Two ex Credit Suisse traders in Guernsey adapt Odey’s strategy for private investors
Fifteen years ago, two hedge fund traders working for Credit Suisse were approached by Crispin Odey to replicate his successful asset management business for private clients. The result was Odey Wealth in Guernsey, one of two wealth management offshoots of Odey’s main business that both selects and manages funds.
Despite building up a successful reputation for his contrarian strategies over the 1990s and 2000s, at the time Crispin Odey was not well known outside of the UK. His offering suited risk-hungry investors, but the volatility of the Odey Continental European Fund, which beat the index by almost 35% when the market was down in the financial year up to early August 2002 but made losses in five of its 11 years to date, did not appeal to more cautious private clients.
Frustrated with the constraints of a large institution, Odey persuaded Geoff Marson and Shaun Le Messurier to leave Credit Suisse. According to Marson, investors were let down in 2008 and 2009. In 2008, banks lost too much of investors’ money whereas in 2009 when opportunities existed they did not make enough: “Investors didn’t see the added value,” he says.
The chance to set up the Guernsey office in early 2008 gave Marson and Le Messurier a way of gaining a competitive edge. According to Marson, being part of a smaller investment house allows managers to be more nimble. His comment resonates with James Syme and Paul Wimborne at J O Hambro Capital Management, who together moved from Baring Asset Management for the same reason. Both found themselves limited by the institution and transferred hoping to secure better manager freedom.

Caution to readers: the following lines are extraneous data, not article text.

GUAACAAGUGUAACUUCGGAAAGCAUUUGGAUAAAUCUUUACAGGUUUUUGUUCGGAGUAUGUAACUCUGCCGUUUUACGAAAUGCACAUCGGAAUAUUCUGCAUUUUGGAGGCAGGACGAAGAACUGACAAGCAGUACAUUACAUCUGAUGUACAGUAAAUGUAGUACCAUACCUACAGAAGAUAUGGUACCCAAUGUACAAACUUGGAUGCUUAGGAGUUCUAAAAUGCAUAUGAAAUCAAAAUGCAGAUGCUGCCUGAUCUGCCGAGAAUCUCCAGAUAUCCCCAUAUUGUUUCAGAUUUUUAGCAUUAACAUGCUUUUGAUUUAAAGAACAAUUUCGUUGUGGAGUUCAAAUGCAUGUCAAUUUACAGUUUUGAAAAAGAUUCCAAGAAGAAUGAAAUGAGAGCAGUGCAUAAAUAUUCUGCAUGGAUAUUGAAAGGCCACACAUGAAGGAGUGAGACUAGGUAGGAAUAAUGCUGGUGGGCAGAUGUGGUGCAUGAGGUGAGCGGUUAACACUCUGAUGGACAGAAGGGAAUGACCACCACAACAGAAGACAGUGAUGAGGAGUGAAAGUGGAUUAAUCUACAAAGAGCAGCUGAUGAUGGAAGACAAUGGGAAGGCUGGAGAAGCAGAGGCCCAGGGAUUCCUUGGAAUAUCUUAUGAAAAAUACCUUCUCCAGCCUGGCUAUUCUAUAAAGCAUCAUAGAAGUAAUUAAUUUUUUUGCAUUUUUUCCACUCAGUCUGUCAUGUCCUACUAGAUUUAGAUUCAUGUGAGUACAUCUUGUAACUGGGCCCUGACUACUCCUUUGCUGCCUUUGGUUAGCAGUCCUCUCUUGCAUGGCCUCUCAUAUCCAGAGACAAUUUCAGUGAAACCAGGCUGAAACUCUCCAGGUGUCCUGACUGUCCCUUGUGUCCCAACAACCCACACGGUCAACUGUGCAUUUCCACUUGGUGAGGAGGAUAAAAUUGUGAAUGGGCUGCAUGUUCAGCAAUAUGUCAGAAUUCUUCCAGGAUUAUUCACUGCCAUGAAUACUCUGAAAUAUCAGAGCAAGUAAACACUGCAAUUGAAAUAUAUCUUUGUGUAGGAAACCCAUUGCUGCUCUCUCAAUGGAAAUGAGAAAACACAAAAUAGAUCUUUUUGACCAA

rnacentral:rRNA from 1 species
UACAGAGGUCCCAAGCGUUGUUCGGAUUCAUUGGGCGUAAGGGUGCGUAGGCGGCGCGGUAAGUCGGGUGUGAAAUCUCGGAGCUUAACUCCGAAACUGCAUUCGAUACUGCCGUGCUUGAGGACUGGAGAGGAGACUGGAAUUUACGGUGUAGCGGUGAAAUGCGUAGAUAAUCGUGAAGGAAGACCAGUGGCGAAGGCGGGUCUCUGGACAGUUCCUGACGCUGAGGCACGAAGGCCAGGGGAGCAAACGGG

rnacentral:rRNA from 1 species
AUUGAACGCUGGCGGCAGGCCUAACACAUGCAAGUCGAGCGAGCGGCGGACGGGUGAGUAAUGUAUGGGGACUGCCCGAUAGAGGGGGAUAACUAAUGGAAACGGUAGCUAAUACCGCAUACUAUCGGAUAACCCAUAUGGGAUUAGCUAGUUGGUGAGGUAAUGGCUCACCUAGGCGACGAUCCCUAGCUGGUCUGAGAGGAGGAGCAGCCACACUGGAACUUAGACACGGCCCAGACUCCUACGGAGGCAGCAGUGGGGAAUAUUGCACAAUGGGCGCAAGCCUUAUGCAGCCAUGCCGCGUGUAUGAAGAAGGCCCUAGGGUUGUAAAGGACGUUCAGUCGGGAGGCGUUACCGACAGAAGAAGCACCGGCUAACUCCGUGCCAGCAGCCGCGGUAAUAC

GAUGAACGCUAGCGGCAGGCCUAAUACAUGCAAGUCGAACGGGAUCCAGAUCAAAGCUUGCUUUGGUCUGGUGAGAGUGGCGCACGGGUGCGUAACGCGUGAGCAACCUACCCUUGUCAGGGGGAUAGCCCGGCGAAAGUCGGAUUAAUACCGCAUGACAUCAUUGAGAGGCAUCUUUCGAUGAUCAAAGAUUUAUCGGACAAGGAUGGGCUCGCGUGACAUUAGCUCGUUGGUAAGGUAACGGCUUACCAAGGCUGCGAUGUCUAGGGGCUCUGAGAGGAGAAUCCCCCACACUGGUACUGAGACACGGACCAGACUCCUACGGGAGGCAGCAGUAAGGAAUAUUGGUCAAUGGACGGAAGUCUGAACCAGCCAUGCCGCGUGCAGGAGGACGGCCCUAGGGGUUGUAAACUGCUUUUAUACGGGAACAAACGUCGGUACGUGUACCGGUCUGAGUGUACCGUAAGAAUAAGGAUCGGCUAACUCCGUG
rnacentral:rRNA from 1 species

Marson was drawn to Odey because of the reputation of Odey himself and others in the firm. He and Le Messurier saw there was a market to offer an adapted, more cautious version of Odey’s investment style. They already had the contacts in Guernsey, Jersey and Switzerland.
But building the business was not easy. There were a number of barriers to entry, says Marson; in particular, the need for a three-year track record and a sizeable amount of assets under management, usually $100mn to attract larger investors.
Rising regulatory barriers make it more difficult for market entrants today, says Marson. “The barriers are going up all the time. We’re not seeing so many boutiques.” Those who do make it through need to seize the small window of opportunity available over the next two or three years to make money for clients, as stock selection opportunities are thinning. In the longer term, demographic change will also drag on growth in the West.